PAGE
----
This wonderful art fair takes place at the Carrousel du Louvre from November 9th to 13th. We shall be there as usual: you can find us on Stand 3, where we are exhibiting some exceptional paintings.
We would like to draw your attention to just three of the works that we will be showing: a still-life, a portrait, and a twinned pair of landscapes. They are all by Flemish masters, and they all have something more to say than immediately meets the eye.
The still-life is a magnificent vase of flowers by Osias Beert the Elder, painted in the 1610s. There is something magical in this composition. Practically every flowerhead is fully visible, as if they had all been laid out flat like specimens on a table. But look again, and the bouquet has depth and volume, like a floral balloon. It is almost an optical illusion – aided, certainly, by the sheer vibrancy of the Beert’s palette and the blackness of the background.
These flowers are also a Christian parable. The heads of the variegated tulips are drooping, and petals are beginning to fall. So they are a reminder that extinction comes to us all. But there is hope too – and it takes the form of butterflies, almost hidden among the blooms. The butterflies serve as a symbol of rebirth and resurrection. They say: after death, there is life everlasting.
The two landscapes are also paintings with a moral, this time drawn from Greek myth. The topography of Pieter Gijsels’ paintings is nigh-on identical in both copper panels – a low hummock in the foreground, sheer cliffs to the right, and a sky aglow with lambent light – but the paintings tell different stories of hubris and over-reach.
One is the well-known tale of Icarus, who flew too near to the sun. We see him falling wingless from the sky while his father Daedalus looks on aghast. The other landscape depicts the less familiar Fall of Phaeton , a king who dared imitate the thunder of Zeus by racing his iron-wheeled chariot across a specially constructed bridge of bronze. In the painting we see the king charging his horses across the sky – a scenario that can only have existed in his own megalomanic imagination – moments before Zeus exacts his punishment.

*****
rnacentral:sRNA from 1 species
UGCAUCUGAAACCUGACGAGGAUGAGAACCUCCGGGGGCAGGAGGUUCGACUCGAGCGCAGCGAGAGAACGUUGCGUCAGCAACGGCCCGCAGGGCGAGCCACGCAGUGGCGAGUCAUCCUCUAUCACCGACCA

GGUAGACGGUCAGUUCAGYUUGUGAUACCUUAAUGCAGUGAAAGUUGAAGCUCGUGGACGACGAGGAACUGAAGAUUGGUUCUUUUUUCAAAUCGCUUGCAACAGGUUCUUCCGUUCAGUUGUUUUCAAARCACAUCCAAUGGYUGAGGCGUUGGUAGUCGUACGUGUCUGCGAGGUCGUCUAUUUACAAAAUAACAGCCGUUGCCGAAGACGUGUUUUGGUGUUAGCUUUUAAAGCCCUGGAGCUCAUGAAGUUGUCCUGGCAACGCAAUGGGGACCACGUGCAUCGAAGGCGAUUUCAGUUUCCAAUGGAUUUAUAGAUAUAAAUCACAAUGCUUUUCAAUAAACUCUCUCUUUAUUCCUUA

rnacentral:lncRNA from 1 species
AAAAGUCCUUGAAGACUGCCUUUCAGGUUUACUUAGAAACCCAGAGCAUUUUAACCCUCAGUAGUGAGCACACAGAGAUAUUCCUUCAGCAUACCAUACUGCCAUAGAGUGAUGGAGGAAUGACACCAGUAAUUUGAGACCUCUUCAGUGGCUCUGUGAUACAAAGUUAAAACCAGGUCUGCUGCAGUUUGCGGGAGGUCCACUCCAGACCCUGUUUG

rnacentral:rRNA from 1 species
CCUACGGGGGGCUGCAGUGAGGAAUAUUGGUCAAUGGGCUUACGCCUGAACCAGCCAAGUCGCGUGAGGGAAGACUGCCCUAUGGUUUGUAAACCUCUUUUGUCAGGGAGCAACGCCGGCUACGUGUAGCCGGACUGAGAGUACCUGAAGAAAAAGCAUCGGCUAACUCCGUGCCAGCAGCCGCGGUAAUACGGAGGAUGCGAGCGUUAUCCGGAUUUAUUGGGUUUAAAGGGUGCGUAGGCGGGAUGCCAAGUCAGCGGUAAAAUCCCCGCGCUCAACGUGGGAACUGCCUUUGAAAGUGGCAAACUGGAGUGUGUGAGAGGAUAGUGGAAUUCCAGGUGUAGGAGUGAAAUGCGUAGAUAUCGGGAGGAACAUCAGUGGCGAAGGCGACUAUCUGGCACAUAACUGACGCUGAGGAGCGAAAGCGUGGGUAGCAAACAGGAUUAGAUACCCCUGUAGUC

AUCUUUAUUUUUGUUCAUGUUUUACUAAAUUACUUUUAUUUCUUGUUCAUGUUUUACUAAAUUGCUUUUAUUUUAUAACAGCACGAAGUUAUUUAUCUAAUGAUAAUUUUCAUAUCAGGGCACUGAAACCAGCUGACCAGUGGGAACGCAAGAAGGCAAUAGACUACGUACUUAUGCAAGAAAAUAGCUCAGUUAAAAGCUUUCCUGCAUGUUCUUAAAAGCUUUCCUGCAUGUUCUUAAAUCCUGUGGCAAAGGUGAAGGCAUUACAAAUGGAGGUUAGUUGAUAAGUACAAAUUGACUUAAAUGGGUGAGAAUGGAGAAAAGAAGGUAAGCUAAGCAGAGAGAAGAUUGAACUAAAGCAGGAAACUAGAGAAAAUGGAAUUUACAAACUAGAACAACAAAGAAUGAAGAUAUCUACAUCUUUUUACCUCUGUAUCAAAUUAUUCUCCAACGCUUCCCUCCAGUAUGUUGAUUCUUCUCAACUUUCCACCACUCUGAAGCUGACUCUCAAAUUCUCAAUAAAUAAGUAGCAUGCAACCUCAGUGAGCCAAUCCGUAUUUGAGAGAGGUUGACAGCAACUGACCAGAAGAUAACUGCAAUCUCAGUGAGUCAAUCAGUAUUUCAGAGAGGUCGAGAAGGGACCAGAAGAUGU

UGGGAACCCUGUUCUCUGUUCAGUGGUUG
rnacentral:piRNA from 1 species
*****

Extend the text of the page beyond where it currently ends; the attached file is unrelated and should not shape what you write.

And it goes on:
Our third painting is a portrait of Lucretia by the so-called Master of the Female Half-Lengths. It is a striking nude study: the sitter’s auburn hair is echoed in her beautifully rendered scarlet robe. And as with Beert’s flowers, the dark background accentuates the strong colours, as well as highlighting the flawless whiteness of her skin, which is as smooth as an alabaster vase.
Lucretia is so serene that is unclear at first (at least to a modern observer) that this is a woman in the act of suicide. Contemporary viewers, however, would have known that her self-sacrifice led to the fall of a tyrant – so in this work the nemesis is happening elsewhere, off-stage. The Lucretia that we see here, meanwhile, is a political martyr, brave and saintly. That explains her unearthly calm: she is a kind of civic icon, someone whose idealism has taken her beyond ordinary concerns of life and death.
Do come by our stand if you are at the fair next week. We will be delighted to show you these works and the other fine Old Masters that we are taking to Paris – paintings by the Brueghels, from the studios of Lucas Cranach and Rogier van der Weyden, by David Teniers and Frans Francken.
We will be pleased, as ever, to see you there.